It is a logical step to combine the respective advantages of both procedures by doing HD and HF in parallel. This procedure is called hemodiafiltration (HDF) and probably originated from work done in the late 70’s by Leber et al. in Giessen, Germany1.

The figure outlines the respective characteristics of this procedure. In terms of solute removal HDF certainly is one of the most efficient ways to treat the blood of uremic patients.


–  Combination of diffusive and convective solute transport (HD + HF = HDF)

–  Volume substitution (pre or post filter) plus dialysate required


–  Low


–  Improved for solutes (small proteins, mediators, etc.)

–  High for small molecular weight substances (urea, creatinine, electrolytes, buffer base)

Over the years there have been many publications showing the effect of HDF in comparison to HD and HF, which mainly confirmed what was initially shown2 – HDF really combines the solute removal capabilities of both HD and HF.

Clearance Comparison between HD, HF and HDF

The introduction of HDF brought up the question as to which mode of dilution (pre or post filter) was to be preferred. The problem can be investigated and answered by theoretical considerations and in-vitro experiments as done by Ahrenholz et al.3  While this study specifically refers to online HDF, considerations regarding the efficacy are valid for conventional as well as for online HDF.

As expected, small MW clearances are slightly reduced in pre-dilution mode due to the decreased concentration gradients across the membrane, whereas middle and higher MW clearances increase with increasing filtrate or substitution fluid flow. In the setup described here, inulin clearance can be doubled compared to pure HD.  In-vitro experiments nicely follow theory in this case.

HDF efficacy: pre-dilution (based on reference 3):

In the post-dilution mode, small MW efficacy is slightly increased (there is some convective transport for small MW solutes as well) but inulin clearances may reach the three-fold level of HD at the respective filtrate flow level. Taking into consideration that the same range of filtrate flow was used in pre- and in post-dilution modes, one can conclude that post-dilution is the best compromise between solute removal and substitution fluid consumption. Whenever possible, post-dilution should be the modality of choice. As indicated before, matching the small MW performance of post-dilution in a pre-dilution setup is possible but requires larger exchange volumes.

HDF efficacy: post-dilution (based on reference 3):

In making a decision on whether to use pre- or post-dilution modes for HDF, the following should be considered:

  • For blood access flows > 300 ml/min,  post-dilution HDF provides the highest clearances at an optimized level of substitution fluid volume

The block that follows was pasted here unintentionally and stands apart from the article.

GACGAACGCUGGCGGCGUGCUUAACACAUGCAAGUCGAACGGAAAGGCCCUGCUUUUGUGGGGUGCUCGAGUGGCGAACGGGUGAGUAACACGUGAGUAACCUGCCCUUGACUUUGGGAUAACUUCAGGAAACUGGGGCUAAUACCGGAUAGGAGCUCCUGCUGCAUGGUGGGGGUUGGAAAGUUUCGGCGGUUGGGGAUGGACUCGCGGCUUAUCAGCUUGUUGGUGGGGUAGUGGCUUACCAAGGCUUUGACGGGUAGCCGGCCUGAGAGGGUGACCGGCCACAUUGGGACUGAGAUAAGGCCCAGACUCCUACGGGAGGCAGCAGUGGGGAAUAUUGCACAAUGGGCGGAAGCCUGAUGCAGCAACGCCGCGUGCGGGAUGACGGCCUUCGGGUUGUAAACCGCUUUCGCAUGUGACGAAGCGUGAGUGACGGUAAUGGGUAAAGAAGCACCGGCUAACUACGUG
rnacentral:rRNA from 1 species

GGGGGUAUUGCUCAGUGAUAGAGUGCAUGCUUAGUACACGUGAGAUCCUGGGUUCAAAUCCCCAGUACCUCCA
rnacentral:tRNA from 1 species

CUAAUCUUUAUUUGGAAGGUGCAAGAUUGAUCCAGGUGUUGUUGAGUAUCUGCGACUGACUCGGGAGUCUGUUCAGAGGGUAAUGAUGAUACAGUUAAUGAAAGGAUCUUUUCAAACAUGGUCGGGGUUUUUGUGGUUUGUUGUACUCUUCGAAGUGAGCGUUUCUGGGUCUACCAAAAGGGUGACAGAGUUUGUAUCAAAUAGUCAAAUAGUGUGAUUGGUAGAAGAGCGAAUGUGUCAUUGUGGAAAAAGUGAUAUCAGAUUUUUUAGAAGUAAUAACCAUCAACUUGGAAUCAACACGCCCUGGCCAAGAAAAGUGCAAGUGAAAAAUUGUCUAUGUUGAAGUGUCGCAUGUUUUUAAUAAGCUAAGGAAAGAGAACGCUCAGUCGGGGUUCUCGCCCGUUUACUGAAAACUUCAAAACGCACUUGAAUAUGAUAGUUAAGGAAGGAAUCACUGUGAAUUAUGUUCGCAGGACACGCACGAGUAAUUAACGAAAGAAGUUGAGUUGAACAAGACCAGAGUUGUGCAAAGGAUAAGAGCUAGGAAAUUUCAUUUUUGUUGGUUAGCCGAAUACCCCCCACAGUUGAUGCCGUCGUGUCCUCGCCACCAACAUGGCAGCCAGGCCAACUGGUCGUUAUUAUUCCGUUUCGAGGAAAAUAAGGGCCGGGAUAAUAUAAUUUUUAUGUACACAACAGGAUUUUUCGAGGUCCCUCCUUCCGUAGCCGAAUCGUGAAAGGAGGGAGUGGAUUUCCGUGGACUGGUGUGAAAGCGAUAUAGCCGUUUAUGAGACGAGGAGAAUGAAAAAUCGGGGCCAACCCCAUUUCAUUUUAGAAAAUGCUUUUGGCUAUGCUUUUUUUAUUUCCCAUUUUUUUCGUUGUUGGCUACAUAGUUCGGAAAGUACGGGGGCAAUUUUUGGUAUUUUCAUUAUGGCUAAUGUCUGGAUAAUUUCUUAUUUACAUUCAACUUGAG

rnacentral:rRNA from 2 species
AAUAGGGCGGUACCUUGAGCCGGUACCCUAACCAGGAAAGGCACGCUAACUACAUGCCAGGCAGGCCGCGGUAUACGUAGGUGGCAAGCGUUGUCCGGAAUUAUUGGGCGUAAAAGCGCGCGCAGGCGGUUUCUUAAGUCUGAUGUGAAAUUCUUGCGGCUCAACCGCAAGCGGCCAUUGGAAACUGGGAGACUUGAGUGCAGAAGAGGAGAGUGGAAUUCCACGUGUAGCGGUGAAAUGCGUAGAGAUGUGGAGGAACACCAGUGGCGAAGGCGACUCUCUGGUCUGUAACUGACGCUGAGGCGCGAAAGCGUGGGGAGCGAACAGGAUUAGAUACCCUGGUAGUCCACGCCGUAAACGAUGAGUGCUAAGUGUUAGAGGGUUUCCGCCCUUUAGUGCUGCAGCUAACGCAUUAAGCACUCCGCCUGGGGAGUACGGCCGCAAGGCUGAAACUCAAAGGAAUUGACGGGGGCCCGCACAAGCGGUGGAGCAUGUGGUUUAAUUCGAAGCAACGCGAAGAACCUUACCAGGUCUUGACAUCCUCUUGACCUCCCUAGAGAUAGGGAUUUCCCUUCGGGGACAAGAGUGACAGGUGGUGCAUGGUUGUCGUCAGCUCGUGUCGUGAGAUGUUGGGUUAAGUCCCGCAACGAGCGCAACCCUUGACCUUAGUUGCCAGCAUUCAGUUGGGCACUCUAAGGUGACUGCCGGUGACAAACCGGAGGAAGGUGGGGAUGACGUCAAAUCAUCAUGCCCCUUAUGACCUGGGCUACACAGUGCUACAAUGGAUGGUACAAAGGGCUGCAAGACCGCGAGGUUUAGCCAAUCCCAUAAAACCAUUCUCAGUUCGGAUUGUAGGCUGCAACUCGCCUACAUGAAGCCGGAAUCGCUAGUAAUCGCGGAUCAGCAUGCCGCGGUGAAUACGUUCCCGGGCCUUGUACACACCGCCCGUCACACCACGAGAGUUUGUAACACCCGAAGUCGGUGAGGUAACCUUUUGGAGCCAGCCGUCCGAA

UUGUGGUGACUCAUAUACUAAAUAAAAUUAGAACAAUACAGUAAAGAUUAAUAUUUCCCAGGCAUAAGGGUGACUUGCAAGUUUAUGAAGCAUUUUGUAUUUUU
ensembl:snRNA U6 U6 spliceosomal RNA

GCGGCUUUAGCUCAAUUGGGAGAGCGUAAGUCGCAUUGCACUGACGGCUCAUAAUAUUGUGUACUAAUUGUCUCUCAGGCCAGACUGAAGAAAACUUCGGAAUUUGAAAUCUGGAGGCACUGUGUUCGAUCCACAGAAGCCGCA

• For blood flows below 300 ml/min, HF / HDF have to be done in pre-dilution or in mixed dilution mode
  • To achieve small MW clearances comparable to HD in pre-dilution HF, high exchange volumes have to be applied (60 – 90 l per treatment)
  • Depletion effects with high exchange volumes have not been reported but cannot be excluded with the current state of knowledge

Cardiovascular stability and the “Maggiore effect”

The most referred benefit of HF and HDF is the remarkable increase in blood pressure stability. Maggiore et al. in 1982 extended their research on body temperature towards a comparison of HD and HF4. As would be expected from their previous investigations, the respective differences between HD and HF virtually disappeared when both procedures were performed with the same thermal profile.  In other words, “cold” hemodialysis is as well tolerated as (standard) hemofiltration and “warm” hemofiltration is as poorly tolerated as (standard) hemodialysis.

It has been well established that procedures such as HF and HDF (mostly for technical reasons) are hypothermic and HD is hyperthermic.  Thus, we should consider any study comparing the hemodynamic behavior between HD and HF/HDF to be incomplete if thermal balance is not matched5.


  1. Leber HW, Wizemann V, Goubeaud G, Rawer P, Schutterle G.  Simultaneous hemofiltration / hemodialysis: an effective alternative to hemofiltration and conventional hemodialysis in the treatment of uremic patients. Clin Nephrol 9:115-121, 1978
  2. Wizemann V. Hemodiafiltration–an avenue to shorter dialysis? Contrib Nephrol. 44:49-56,1985
  3. Ahrenholz P, Winkler RE, Ramlow W, Tiess M, Mueller W. On-line hemodiafiltration with pre- and postdilution: a comparison of efficacy. Int J Artif Organs 20:81-90, 1997
  4. Maggiore Q, Pizzarelli F, Sisca S, Zoccali C, Parlongo S, Nicolo F, Creazzo G. Blood temperature and vascular stability during hemodialysis and hemofiltration. Trans Am Soc Artif Intern Organs 28:523-527, 1982
  5. Donauer J, Schweiger C, Rumberger B, Krumme B, Bohler J. Reduction of hypotensive side effects during online-haemodiafiltration and low temperature haemodialysis. Nephrol Dial Transplant 18:1616-22, 2003